In May 2021 the CCAC and UNEP released its Global Methane Assessment (GMA), a landmark report that set out an opportunity to change the climate trajectory within the next 20 years—a critical timeframe for slowing warming and self-reinforcing feedbacks enough to avoid passing dangerous tipping points. More recently, the 6th Assessment Report of the Intergovernmental Panel on Climate Change (IPCC) concluded that methane mitigation is a standout option for achieving near- and long-climate and air quality benefits. According to both reports methane mitigation has the greatest potential to decrease warming over the next 20 years.
The Global Methane Pledge builds on the GMA’s convincing case that together available low-or-negative cost emission reductions measures and behavioral changes could provide reductions that would bring emissions to a 1.5˚C pathway which would avoid 0.3 degrees Celsius of warming by 2050.
Acting on methane has important co-benefits beyond climate. Because methane contributes to the formation of ground-level ozone, a dangerous air pollutant, reducing it can improve public health and agricultural productivity.
Reaching the 30 per cent goal would avoid 205,000 ozone related premature deaths annually in people aged 30 or older and prevent 624,000 asthma-related emergency room visits and respiratory-related hospital admissions per year. It would also prevent millions of tonnes in of staple crop losses each year: wheat – 8 million tonnes, maize – 6 million tonnes, soy – 4.5 million tonnes, and rice – 2.5 million tonnes.
Necessary and achievable
The Pledge’s goal of at least 30 per cent reduction in methane by 2030 sets an ambitious floor to build from. Achieving the Pledge implies reversing the upward trend of methane emissions to an average annual reduction of 4 per cent, a truly blistering pace. From this start efforts to reduce methane are expected to improve and achieve the level of mitigation necessary to achieve global climate goals.
The Pledge is also complementary to global efforts to reduce carbon dioxide. Both gases must be reduced if we are to keep warming to 1.5⁰C. Reducing methane provides an essential complement to global efforts to de-carbonize.
The Global Methane Pledge will serve to garner political attention and commitments, and channel action to existing initiatives and is essential for keeping the 1.5°C goal in sight.
The goal is both achievable and cost-effective. Methane is the only greenhouse gas for which so many ample, cheap, off-the-shelf emission control technologies exist, many of which are zero to low-cost solutions.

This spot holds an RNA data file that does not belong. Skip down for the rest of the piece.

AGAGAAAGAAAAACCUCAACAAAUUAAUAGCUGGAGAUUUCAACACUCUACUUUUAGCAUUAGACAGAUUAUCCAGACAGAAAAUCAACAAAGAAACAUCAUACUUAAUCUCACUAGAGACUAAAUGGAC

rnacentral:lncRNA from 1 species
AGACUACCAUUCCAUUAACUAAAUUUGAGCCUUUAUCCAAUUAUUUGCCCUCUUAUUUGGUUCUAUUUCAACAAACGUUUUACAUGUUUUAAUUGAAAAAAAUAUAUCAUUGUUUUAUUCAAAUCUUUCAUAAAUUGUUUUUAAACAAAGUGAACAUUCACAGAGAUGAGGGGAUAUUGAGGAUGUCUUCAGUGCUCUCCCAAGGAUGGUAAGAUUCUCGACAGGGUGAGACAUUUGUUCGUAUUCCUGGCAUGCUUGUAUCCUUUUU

Countries have widely varying methane emissions profiles and reduction potential, but all can contribute to achieving the collective global goal through additional domestic methane reduction and international cooperative actions. Major sources of methane emissions include oil and gas, coal, agriculture, and landfills. These sectors have different starting points and varying potential for short-term methane abatement with the greatest potential for targeted mitigation by 2030 in the energy sector.
The reductions needed could be achieved almost completely through measures that target methane directly. These include leak detection and repair for oil and gas systems, increased recovery of gas flared or vented from oil operations, oxidation of methane vented from coal mines, capture, and use of methane from landfills, manure and food waste, and improved water management in rice cultivation. The CCAC and GMI are already working directly with countries to implement these measures globally.
Additional actions that don’t specifically target methane emissions can make up the rest of reductions needed by indirectly reducing methane. These include actions like reducing food waste and loss, moving to renewable energy and more efficient appliances, and actions to decarbonize economies and encourage healthier diets.
The United States, the European Union, and other early supporters will continue to enlist additional countries to join the Global Methane Pledge pending its formal launch at COP 26. The CCAC urges countries to join and looks forward to working with all partners to continue efforts to reduce methane emissions.